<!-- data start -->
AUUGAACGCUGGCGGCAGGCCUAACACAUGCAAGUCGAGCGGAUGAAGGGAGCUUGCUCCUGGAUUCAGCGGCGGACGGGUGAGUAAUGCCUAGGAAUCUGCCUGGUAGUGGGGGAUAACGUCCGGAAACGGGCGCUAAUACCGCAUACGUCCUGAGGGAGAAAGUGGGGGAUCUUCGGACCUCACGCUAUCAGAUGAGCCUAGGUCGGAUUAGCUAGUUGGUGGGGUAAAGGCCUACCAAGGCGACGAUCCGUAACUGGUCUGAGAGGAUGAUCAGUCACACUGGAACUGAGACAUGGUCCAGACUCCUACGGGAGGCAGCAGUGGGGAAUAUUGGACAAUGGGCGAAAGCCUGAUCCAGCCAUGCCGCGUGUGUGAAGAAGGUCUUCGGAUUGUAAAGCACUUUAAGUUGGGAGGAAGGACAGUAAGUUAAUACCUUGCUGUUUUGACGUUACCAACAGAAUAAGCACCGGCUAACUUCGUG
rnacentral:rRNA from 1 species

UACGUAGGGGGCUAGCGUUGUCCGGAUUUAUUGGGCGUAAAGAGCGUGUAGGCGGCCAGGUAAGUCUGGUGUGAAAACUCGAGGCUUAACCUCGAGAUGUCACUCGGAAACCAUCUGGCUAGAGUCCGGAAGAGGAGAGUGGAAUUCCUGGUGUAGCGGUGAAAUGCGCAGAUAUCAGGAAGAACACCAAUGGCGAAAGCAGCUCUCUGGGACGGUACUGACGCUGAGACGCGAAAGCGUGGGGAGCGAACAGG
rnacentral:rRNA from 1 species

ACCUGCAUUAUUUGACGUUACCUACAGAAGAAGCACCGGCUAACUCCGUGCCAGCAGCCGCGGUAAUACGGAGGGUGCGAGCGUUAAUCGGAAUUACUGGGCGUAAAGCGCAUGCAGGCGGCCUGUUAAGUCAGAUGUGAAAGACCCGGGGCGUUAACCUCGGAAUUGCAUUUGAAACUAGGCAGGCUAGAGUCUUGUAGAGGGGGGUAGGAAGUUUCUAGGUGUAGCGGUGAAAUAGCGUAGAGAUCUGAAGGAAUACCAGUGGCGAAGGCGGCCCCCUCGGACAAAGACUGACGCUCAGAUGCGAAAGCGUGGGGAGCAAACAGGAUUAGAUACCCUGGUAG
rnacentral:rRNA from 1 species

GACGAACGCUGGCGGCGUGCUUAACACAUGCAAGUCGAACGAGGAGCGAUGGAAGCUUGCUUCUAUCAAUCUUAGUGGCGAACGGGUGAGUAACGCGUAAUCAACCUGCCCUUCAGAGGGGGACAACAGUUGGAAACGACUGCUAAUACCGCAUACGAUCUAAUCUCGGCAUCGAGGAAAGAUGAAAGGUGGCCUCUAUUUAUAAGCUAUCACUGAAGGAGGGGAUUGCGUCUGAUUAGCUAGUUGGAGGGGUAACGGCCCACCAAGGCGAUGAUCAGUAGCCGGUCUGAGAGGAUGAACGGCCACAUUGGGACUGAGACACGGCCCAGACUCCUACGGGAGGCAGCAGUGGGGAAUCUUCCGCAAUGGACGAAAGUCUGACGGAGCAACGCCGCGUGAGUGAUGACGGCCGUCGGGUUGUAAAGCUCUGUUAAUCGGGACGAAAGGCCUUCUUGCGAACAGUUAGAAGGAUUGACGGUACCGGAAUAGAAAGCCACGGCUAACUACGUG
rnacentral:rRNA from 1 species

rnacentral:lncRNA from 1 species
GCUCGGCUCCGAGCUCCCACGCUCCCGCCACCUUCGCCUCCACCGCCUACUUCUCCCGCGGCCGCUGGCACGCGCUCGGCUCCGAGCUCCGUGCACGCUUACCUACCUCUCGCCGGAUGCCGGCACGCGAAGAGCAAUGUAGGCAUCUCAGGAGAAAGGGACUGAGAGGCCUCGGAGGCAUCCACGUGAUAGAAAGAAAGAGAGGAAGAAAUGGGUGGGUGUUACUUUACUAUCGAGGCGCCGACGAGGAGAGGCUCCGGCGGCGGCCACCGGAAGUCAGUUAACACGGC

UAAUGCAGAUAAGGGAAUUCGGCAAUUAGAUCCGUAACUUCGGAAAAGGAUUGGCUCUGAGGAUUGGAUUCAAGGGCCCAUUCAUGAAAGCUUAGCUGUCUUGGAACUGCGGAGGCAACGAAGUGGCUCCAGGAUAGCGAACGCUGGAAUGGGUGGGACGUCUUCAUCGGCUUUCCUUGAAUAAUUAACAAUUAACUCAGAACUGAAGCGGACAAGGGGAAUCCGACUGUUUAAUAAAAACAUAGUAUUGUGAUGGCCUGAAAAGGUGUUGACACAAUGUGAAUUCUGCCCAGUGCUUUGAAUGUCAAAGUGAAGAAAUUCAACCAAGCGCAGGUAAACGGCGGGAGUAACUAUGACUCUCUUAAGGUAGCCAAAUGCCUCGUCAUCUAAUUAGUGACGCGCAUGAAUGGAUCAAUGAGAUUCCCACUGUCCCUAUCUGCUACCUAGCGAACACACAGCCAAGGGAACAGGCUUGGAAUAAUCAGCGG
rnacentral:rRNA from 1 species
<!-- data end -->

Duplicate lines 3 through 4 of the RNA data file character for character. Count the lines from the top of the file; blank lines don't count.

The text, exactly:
UACGUAGGGGGCUAGCGUUGUCCGGAUUUAUUGGGCGUAAAGAGCGUGUAGGCGGCCAGGUAAGUCUGGUGUGAAAACUCGAGGCUUAACCUCGAGAUGUCACUCGGAAACCAUCUGGCUAGAGUCCGGAAGAGGAGAGUGGAAUUCCUGGUGUAGCGGUGAAAUGCGCAGAUAUCAGGAAGAACACCAAUGGCGAAAGCAGCUCUCUGGGACGGUACUGACGCUGAGACGCGAAAGCGUGGGGAGCGAACAGG
rnacentral:rRNA from 1 species